( dpa )- Amid debate in Germany over sharp rises in executive pay, Finance Minister Peer Steinbrueck said Wednesday he would consider taxing companies for making excessive severance payments.
Steinbrueck , whose aides have criticized such plans in the past, gave few details of the new thinking and did not say if the proposal had been checked with Chancellor Angela Merkel and her Christian Democrats.
In an advance written text of a speech Wednesday evening to an event hosted by Dresdner Bank, he said a British-style cap on the corporate tax deductibility of such payments was worth considering.
"If the chief executive of a company sends the share price to rock bottom and then fights to obtain double-digit millions of euros in severance pay for himself, I cannot sympathize at all.
"Some of these people have lost touch with reality," the Social Democratic minister's text said.
Previously, the Berlin Finance Ministry has dismissed suggestions that corporate revenue tax could be applied to such payments, saying the tax system ought not to try to distinguish "good" from "bad" corporate expenditure.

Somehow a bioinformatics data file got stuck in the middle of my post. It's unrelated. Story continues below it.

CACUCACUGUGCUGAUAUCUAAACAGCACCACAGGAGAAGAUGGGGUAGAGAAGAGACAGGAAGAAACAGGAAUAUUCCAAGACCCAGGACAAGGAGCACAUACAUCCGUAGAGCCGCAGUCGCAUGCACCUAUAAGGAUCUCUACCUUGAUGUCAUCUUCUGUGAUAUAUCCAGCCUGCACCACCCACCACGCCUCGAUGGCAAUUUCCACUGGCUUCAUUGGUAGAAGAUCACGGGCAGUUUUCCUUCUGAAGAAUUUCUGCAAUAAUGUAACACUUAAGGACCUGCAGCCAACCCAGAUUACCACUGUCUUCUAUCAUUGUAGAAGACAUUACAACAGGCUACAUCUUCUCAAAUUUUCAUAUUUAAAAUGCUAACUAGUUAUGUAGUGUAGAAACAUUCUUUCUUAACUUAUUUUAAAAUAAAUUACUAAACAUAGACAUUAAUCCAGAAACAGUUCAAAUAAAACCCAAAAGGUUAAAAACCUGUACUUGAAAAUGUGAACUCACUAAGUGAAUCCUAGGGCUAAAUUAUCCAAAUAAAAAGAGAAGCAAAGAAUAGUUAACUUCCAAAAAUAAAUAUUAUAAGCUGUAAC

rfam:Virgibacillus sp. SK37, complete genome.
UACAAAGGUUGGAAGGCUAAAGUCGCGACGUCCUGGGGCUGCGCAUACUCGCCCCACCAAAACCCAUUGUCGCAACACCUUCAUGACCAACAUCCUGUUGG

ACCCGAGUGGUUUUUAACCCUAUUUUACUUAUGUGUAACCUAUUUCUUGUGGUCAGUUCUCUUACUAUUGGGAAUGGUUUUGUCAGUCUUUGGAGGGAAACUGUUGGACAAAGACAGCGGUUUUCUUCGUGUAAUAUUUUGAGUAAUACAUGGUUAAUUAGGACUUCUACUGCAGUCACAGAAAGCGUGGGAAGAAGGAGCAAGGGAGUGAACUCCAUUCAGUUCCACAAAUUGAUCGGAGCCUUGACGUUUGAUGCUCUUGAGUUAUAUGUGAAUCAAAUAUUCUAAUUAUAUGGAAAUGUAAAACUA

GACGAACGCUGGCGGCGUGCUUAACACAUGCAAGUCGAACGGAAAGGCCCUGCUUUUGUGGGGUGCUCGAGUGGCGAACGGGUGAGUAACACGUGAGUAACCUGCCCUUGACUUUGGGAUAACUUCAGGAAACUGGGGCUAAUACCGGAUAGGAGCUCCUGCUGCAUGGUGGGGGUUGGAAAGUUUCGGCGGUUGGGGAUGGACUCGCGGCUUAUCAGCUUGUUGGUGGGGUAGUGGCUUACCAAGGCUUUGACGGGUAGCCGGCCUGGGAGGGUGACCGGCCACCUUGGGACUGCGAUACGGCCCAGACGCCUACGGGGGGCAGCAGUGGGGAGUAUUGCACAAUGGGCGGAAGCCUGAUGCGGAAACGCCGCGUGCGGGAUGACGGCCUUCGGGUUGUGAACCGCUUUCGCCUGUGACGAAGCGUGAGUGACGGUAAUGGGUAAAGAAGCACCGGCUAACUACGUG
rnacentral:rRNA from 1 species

Much of the German debate on accelerating executive pay rates has focussed on the demands by sacked chief executives for "golden handshakes" or full payouts to the ends of their contracts even if they do not work any more.
Groups on the left of Merkel's CDU favour some kind of cap on severance payments as well as taxing the payouts.
Social Democratic parliamentarians in Berlin have been drawing up proposals to put to the Merkel government.
Steinbrueck said he did not believe the executive pay debate was a fad which would die out.
The issue would continue to occupy Germans, but could not ultimately be tackled by legal changes but rather by changing mentalities.
"We need to establish a culture of moderation and of setting a good example in the executive ranks of our companies," he said.